It is not difficult to be horrified by the level of cruelty that humans will inflict on one another, especially where prejudice and power are involved. There is much in this book that tells of the trauma, the emotional and physical scarring, and the horrors experienced by the victims of such torture experienced not only by those who survived the government pogroms against the Jews in late 19th century Russia, but also by those exposed to the depths of degradation meted out to those who found themselves inside the cruel, cold walls of the notorious Blackwell’s Island Insane Asylum in New York.
Based on the true story of Nellie Bly’s infiltration of the asylum and subsequent exposure of the abuses and brutality that occurred there, and on the experiences of many who fled Russia in the hope of making a new life in America, ‘A Different Kind of Angel’ tells the stories of Klara Gelfman and the other women she meets inside that institution.
The book certainly has its dark moments, but it also gives emphasis to the resilience and kindness of people like Klara and her friends Catherine and Nellie. These women are inspirational in their ability to rise above the pain and muck time and time again, reminders to us all of the power of encouragement and kindness in the face of hostility and fear.
Mahurin tells a compelling story. The characters are strongly drawn, and the depictions of the various behaviours of the inmates of the asylum are vivid and, one suspects, based on careful study and research. At no time is the narrative insensitive to the plight of the insane, nor to the individual qualities of each woman and her mental illness. The reader has a strong sense of how their lives and conditions could be vastly different given proper care, nutrition and some kindness, and feels deeply grateful to the few souls who showed these women as much compassion as they were able to.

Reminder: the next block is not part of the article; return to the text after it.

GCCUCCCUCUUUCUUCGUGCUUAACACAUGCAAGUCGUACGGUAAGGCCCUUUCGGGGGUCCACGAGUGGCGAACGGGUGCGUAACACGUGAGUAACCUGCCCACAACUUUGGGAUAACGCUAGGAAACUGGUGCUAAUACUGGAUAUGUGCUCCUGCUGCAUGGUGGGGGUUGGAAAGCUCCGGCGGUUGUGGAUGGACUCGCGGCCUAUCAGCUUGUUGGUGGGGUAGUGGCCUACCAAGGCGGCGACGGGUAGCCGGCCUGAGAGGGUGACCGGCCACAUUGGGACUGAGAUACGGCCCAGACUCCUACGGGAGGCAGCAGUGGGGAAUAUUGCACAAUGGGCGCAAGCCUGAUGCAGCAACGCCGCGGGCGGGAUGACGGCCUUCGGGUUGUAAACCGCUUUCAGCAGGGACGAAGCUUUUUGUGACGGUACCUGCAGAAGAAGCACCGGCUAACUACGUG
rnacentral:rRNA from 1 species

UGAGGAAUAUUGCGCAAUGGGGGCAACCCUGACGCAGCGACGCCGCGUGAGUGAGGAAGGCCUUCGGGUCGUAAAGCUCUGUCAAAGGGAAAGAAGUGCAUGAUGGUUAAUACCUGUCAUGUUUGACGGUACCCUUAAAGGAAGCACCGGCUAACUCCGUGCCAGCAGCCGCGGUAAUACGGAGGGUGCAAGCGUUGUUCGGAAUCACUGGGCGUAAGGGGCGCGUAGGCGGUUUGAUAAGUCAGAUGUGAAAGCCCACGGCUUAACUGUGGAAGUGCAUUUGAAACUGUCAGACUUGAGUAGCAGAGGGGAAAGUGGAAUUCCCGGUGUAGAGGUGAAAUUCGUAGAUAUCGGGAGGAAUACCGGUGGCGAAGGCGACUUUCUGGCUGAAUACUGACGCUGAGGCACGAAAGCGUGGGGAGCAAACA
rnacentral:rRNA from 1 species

Overall, the story is more encouraging than depressing, and most enlightening. Despite the darkness, the message of the story is positive and empowering, especially for those enduring some kind of misery or darkness in their own lives.
‘A Different Kind of Angel: A Novel’ has been awarded a Gold Acorn.
Find your copy here.